The man that Disney built  MAR 10 2014

When Owen Suskind was three, a switch flipped within him and he went from a typical chatty rambunctious three-year-old to autistic.

I had just started a job as The Wall Street Journal's national affairs reporter. My wife, Cornelia, a former journalist, was home with him -- a new story every day, a new horror. He could barely use a sippy cup, though he'd long ago graduated to a big-boy cup. He wove about like someone walking with his eyes shut. "It doesn't make sense," I'd say at night. "You don't grow backward." Had he been injured somehow when he was out of our sight, banged his head, swallowed something poisonous? It was like searching for clues to a kidnapping.

After visits to several doctors, we first heard the word "autism." Later, it would be fine-tuned to "regressive autism," now affecting roughly a third of children with the disorder. Unlike the kids born with it, this group seems typical until somewhere between 18 and 36 months -- then they vanish. Some never get their speech back. Families stop watching those early videos, their child waving to the camera. Too painful. That child's gone.

But a tenuous connection remained between Owen and his pre-autistic self: Disney movies. And through them, Owen slowly learns how to communicate with the outside world again.

So we join him upstairs, all of us, on a cold and rainy Saturday afternoon in November 1994. Owen is already on the bed, oblivious to our arrival, murmuring gibberish.... "Juicervose, juicervose." It is something we've been hearing for the past few weeks. Cornelia thinks maybe he wants more juice; but no, he refuses the sippy cup. "The Little Mermaid" is playing as we settle in, propping up pillows. We've all seen it at least a dozen times, but it's at one of the best parts: where Ursula the sea witch, an acerbic diva, sings her song of villainy, "Poor Unfortunate Souls," to the selfish mermaid, Ariel, setting up the part in which Ursula will turn Ariel into a human, allowing her to seek out the handsome prince, in exchange for her voice.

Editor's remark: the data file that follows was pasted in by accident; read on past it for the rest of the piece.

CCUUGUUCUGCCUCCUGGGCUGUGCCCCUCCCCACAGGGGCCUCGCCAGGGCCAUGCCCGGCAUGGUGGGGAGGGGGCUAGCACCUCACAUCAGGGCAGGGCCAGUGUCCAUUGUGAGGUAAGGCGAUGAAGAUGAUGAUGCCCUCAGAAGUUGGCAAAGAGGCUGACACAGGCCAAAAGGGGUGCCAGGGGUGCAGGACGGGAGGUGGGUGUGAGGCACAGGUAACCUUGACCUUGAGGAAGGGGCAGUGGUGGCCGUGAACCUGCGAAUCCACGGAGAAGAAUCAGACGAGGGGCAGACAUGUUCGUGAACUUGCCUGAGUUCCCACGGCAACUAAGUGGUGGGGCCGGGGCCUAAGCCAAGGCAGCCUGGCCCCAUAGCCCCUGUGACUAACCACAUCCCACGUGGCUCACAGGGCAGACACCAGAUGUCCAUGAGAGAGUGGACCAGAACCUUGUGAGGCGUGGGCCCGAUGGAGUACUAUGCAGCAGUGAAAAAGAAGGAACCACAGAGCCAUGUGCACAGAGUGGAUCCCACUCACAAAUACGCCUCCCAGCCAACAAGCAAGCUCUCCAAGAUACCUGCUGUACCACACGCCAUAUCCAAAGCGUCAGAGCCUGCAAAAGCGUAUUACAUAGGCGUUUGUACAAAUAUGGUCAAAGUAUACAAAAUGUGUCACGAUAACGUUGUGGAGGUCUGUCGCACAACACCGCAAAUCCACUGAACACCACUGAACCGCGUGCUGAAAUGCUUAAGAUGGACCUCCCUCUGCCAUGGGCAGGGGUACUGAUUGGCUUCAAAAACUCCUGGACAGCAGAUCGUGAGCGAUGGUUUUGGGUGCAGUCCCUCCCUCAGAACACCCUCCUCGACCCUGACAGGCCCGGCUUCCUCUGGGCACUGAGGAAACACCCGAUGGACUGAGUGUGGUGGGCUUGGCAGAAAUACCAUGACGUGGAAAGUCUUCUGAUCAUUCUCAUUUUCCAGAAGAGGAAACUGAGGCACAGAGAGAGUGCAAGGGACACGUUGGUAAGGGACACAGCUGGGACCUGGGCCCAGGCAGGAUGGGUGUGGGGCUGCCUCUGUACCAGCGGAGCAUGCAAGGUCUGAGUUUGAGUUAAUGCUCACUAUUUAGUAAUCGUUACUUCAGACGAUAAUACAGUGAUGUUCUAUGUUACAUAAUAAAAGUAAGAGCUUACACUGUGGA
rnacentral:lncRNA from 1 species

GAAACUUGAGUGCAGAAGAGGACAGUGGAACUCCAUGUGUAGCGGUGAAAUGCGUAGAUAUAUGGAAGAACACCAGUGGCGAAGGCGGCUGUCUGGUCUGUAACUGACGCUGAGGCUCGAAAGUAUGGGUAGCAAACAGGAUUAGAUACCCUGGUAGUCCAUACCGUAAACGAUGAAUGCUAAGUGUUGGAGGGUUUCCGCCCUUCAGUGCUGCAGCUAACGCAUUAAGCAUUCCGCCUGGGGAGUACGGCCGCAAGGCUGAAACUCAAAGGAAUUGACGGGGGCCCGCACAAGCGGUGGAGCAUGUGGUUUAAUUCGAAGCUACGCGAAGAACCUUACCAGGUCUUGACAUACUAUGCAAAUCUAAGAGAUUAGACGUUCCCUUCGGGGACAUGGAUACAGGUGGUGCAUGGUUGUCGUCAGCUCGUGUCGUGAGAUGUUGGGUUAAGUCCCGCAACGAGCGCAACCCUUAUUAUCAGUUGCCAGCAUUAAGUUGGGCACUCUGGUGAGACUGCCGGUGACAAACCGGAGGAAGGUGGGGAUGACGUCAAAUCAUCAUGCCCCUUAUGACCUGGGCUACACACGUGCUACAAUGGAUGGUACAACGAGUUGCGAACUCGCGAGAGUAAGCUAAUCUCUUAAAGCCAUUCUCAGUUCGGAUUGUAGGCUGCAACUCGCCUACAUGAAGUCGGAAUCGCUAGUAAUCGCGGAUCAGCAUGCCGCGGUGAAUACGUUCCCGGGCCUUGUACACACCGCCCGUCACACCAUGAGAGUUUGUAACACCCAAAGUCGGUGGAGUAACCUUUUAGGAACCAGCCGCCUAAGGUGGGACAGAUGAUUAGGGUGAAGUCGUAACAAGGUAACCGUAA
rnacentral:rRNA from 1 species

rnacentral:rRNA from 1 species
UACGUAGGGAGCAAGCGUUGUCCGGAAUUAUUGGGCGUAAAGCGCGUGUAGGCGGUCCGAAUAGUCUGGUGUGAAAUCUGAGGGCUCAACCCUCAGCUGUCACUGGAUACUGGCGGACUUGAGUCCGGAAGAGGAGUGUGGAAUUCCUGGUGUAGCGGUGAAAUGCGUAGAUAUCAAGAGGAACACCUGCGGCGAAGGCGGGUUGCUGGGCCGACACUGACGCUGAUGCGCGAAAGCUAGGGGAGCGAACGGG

When the song is over, Owen lifts the remote. Hits rewind.

"Come on, Owen, just let it play!" Walt moans. But Owen goes back just 20 seconds or so, to the song's next-to-last stanza, with Ursula shouting:

Go ahead -- make your choice!

I'm a very busy woman, and I haven't got all day.

It won't cost much, just your voice!

He does it again. Stop. Rewind. Play. And one more time. On the fourth pass, Cornelia whispers, "It's not 'juice.' " I barely hear her. "What?" "It's not 'juice.' It's 'just' ... 'just your voice'!"

I grab Owen by the shoulders. "Just your voice! Is that what you're saying?!"

He looks right at me, our first real eye contact in a year. "Juicervose! Juicervose! Juicervose!"

Walt starts to shout, "Owen's talking again!" A mermaid lost her voice in a moment of transformation. So did this silent boy. "Juicervose! Juicervose! Juicervose!" Owen keeps saying it, watching us shout and cheer. And then we're up, all of us, bouncing on the bed. Owen, too, singing it over and over -- "Juicervose!" -- as Cornelia, tears beginning to fall, whispers softly, "Thank God, he's in there."

This is the best thing I've read in a month, so so heartbreaking and amazing. Just pre-ordered the book...can't wait to read the full version.

Read more posts on kottke.org about:
books   crying at work   Disney   Life Animated   movies   Owen Suskind   Ron Suskind

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